Huffpost Media
THE BLOG

Featuring fresh takes and real-time analysis from HuffPost's signature lineup of contributors

Joseph A. Palermo Headshot

The Real Reason for the Right's Wrath Against Candy Crowley

Posted: Updated:
Print
Getty Images
Getty Images

The CNN reporter, Candy Crowley, who moderated Tuesday night's presidential debate at Hofstra University has joined the ranks of journalists inside the "liberal media" that the right-wing echo chamber will forever smear, slime, and loathe. The Republicans, along with their formidable propaganda outlets, Fox News and AM Talk Radio, have their knickers in a bunch because Ms. Crowley fact-checked their beloved candidate, Mitt Romney during the night's most heated exchange. The hate brigades have taken aim at Ms. Crowley not because she showed "bias" or was "wrong" about the facts or exceeded the role of moderator, but because she performed a genuine act of journalism in front of 65 million viewers.

Ms. Crowley's crime in the eyes of the right is that she for one brief moment did what every journalism department at every university in America teaches their students to do: Keep the record straight and do not allow politicians to use you as a prop for self-serving lies. Crowley doing her job has caused more "Chaos on Bullshit Mountain" inside the right's echo chamber since David Corn of Mother Jones magazine first released the now historic "47 percent" video capturing Romney dissing half the country to a closed-door audience of millionaires and billionaires.

The real reason why the right has become so unhinged over Candy Crowley's journalistic moment was best summed up 28 years ago by the campaign of Vice President George H. W. Bush following his historic debate with New York Representative Geraldine Ferraro, the first ever woman on a major party's ticket. When members of the press did their jobs and later fact-checked many of the statements that Bush made during the debate and found them incorrect, misleading, or outright lies, Bush's press secretary responded:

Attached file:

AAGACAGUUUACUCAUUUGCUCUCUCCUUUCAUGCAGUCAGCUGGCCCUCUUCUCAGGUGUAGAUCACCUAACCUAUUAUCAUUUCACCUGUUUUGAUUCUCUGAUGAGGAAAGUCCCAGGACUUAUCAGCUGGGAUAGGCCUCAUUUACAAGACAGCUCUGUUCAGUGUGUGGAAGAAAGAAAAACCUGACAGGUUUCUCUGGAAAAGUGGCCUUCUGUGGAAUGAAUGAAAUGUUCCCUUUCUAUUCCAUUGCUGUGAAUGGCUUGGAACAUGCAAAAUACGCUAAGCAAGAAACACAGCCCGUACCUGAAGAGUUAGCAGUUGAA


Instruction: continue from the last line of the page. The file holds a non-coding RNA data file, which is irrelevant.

You can say anything you want in a debate, and 80 million people hear it. If reporters then document that a candidate spoke untruthfully, so what? Maybe 200 people read it, or 2,000 or 20,000. (Quoted in The Eighties, p. 55)

The Romney campaign, taking its lead from the way earlier Republican campaigns viewed debates, simply believed he would have free rein to say anything he wanted in front of the enormous TV audience. And when any fact-checking trickled in showing he had willfully gotten his facts wrong for political gain, (such as accusing President Obama of not calling the Benghazi attack an "act of terror," which he did), it wouldn't matter because the lie would have already served its purpose -- planting the seeds of doubt and scoring points in the minds of 65 million viewers. Plus, the Fox noise machine could easily bury any new exposures of Romney's incessant lying after the debate under yet another mountain of very loud and very partisan bullshit.

So the real cause for this latest Republican whine-fest is that Ms. Crowley did her job as a journalist, showed respect for the need in a democracy for an informed electorate, and would not allow either candidate to lie in front of such a large audience of voters.